“Thank goodness!” I picked one up and examined it, then put it on, wrapping it around my leg and buckling it in place. It fit perfectly, so I put on the other one too. “Just right. I really do need to swing by and thank him.”
Daedalus nodded, then lifted a finger. “I have one more thing for you! A new type of ammunition I think you’ll find useful.”
He scurried off across the room again, this time making a beeline for a tall metal cabinet set against one wall. I followed him over as he opened it up, revealing racks and shelves of rifle ammunition ranging in size from little .22 caliber ammo all the way to anti-tank rounds longer than my hand, including a variety of shotgun shells. He rummaged around in it for a moment before holding up a magazine in triumph. “Here they are!”
I took the proffered magazine and looked at the shotgun shell on the top. It was the same size as a standard 12 gauge shell, but in place of plastic there was a white, waxy casing. “What’s this?”
He gave me a smug, obviously self-satisfied smile. “That is birdshot cast from Macedonian silver, mixed with sanctified beeswax reclaimed from the drippings of temple candles. Those will shred anything undead or unholy without punching through walls. Or people. At least, not beyond point blank range.”
I gave him a dubious look. “Wax shotgun shells?”
“Just don’t fire them into the sun or anything like that and they’ll work just fine.”
I blinked. Did he seriously just make a joke about Icarus? His son had been a bit of a sore point with him ever since I’d met him.
He smiled a little. “Someone told me it was important for me to try to move past old pain.”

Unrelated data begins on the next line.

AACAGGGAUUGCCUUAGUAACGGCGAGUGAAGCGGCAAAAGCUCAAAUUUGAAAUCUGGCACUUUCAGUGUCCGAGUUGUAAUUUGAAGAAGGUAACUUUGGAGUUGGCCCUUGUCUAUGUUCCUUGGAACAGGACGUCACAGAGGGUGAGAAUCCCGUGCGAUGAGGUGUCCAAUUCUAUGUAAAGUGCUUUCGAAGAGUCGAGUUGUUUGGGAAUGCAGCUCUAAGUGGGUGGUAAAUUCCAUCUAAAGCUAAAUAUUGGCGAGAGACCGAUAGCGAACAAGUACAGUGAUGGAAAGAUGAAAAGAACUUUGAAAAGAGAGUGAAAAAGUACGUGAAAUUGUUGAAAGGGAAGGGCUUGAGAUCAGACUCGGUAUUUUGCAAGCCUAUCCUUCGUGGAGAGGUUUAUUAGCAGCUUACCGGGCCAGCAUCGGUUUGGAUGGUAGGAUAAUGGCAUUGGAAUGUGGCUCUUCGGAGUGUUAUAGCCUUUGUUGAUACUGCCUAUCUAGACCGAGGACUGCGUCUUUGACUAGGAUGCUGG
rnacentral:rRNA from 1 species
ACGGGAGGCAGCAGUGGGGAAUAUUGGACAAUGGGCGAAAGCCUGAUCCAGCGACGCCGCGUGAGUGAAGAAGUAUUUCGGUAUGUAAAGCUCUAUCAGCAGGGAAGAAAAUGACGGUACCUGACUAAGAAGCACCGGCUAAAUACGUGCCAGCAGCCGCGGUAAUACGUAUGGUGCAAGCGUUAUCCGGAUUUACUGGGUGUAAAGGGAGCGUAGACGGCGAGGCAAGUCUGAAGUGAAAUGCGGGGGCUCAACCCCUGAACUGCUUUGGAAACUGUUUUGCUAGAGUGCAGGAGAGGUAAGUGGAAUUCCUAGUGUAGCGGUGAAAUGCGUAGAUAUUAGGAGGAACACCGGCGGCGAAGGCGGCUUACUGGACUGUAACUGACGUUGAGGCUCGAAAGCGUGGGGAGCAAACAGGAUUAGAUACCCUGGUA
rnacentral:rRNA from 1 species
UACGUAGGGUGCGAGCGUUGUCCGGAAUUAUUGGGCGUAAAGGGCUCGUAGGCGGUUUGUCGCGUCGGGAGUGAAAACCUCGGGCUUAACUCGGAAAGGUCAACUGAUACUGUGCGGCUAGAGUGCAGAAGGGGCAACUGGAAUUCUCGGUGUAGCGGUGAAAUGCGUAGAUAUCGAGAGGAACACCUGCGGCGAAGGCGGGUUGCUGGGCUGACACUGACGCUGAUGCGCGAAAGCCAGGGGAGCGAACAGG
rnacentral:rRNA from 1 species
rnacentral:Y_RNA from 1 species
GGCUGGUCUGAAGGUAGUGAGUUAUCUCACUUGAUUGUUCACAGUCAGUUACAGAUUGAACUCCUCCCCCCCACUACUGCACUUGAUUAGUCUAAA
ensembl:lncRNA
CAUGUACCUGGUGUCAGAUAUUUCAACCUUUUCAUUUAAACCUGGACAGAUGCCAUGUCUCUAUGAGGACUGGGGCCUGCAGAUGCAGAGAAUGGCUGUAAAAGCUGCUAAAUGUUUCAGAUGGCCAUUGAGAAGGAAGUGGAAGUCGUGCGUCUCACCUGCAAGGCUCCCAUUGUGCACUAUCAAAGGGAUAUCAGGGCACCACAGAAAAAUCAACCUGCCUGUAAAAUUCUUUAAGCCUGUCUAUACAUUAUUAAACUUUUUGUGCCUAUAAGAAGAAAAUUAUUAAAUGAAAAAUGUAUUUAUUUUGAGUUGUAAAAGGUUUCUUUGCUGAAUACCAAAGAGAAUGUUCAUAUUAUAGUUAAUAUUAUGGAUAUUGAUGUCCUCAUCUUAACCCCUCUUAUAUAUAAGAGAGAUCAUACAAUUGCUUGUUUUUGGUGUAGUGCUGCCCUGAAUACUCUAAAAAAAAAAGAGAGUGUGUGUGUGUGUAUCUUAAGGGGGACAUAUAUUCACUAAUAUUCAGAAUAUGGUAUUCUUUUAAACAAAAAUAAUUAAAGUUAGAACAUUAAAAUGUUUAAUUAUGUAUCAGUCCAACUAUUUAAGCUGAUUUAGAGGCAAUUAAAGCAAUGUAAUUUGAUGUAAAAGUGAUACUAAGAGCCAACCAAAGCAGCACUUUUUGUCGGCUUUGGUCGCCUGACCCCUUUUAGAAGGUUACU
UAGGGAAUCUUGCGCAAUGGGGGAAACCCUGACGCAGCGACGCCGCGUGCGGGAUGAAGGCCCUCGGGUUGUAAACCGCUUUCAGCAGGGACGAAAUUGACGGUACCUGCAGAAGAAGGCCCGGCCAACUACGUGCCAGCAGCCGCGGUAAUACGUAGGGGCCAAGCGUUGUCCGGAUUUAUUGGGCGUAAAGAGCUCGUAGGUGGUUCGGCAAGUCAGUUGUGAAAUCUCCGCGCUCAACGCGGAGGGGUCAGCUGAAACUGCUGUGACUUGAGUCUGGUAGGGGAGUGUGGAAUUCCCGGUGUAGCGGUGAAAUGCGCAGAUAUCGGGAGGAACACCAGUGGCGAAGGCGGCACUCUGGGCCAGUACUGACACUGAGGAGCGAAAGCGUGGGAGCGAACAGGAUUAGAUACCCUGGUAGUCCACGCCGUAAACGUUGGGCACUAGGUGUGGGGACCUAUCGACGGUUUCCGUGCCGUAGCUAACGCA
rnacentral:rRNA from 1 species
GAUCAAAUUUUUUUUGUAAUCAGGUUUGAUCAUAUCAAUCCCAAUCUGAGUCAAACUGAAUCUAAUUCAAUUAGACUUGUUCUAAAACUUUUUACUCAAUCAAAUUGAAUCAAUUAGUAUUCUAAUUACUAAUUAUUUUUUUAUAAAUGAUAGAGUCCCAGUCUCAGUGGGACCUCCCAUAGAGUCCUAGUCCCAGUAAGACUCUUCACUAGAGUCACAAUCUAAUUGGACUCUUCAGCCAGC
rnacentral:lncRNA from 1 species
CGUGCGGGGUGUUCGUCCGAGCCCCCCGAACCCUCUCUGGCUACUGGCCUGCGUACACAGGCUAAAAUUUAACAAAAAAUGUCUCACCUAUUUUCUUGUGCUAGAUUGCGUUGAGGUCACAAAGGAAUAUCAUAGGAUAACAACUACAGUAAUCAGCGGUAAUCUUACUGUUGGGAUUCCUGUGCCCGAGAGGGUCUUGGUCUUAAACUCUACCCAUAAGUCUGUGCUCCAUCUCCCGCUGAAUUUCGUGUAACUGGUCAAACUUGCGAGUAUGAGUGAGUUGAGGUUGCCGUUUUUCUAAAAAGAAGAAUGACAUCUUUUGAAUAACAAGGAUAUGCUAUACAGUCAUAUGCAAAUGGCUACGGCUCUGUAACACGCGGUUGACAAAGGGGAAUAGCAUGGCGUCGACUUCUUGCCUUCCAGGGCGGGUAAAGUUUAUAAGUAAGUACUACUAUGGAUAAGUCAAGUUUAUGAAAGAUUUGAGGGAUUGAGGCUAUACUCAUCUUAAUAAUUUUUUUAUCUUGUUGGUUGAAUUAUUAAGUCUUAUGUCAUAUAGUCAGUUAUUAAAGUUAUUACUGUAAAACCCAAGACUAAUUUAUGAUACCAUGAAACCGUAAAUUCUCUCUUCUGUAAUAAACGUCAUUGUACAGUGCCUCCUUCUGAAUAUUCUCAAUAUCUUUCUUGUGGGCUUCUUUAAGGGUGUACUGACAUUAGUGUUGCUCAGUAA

I returned his smile. “Giving my words back to me now, huh? Fair enough.” I slid the magazine into one of the small ammo pouches on my belt, watching as the little opening somehow swallowed the larger magazine. “Is that all there are?”
“Not at all,” he assured me. “I’ll have the rest delivered to Melinoë, so you’ll have them in your ammo locker when you need them.”
“Thank you, Daedalus.” I gave him a hug, and after a moment felt him return it.
“Thank you, Talia.”
I stepped back and gave him a quizzical look. “What for?”
He waved off the question. “For being yourself! Now, unless there’s anything else...I’d better dismantle that earthquake machine before I get any more crazy ideas into my head.”
I laughed. “What’ll you work on next?”
“I have a hankering to try building one of Leonardo’s gliders.” He smiled. “After I made that helicopter work a few years ago, I haven’t heard the end of his grumbling excuses about why he was never able to make it work. It might be fun to twist the knife a little deeper.”
I laughed again, shaking my head. I’d been invited to one of their get-togethers, but the idea of sitting at a table with people like Daedalus, Leonardo da Vinci, Sir Isaac Newton, Nikola Tesla, and Pythagoras...well, I found it a bit intimidating.
Josh is a life-long native of Western Massachusetts. He spends his daylight hours disguised as a mild-mannered IT specialist, trying to get inanimate objects to talk to him and work the way he tells them to. He spends his nights trying to keep all of the animated characters in his imagination from saying too much…and work the way he tells them to.
For the past couple of decades, Josh has been creating worlds for his characters to inhabit, and dreaming up ways to push at the practical implications of a wide variety of Science Fiction and Fantasy tropes. He loves telling stories, entertaining his readers, and sparking fun debates about how to make the implausible plausible. He has a degree in Folklore & Mythology from the University of Massachusetts at Amherst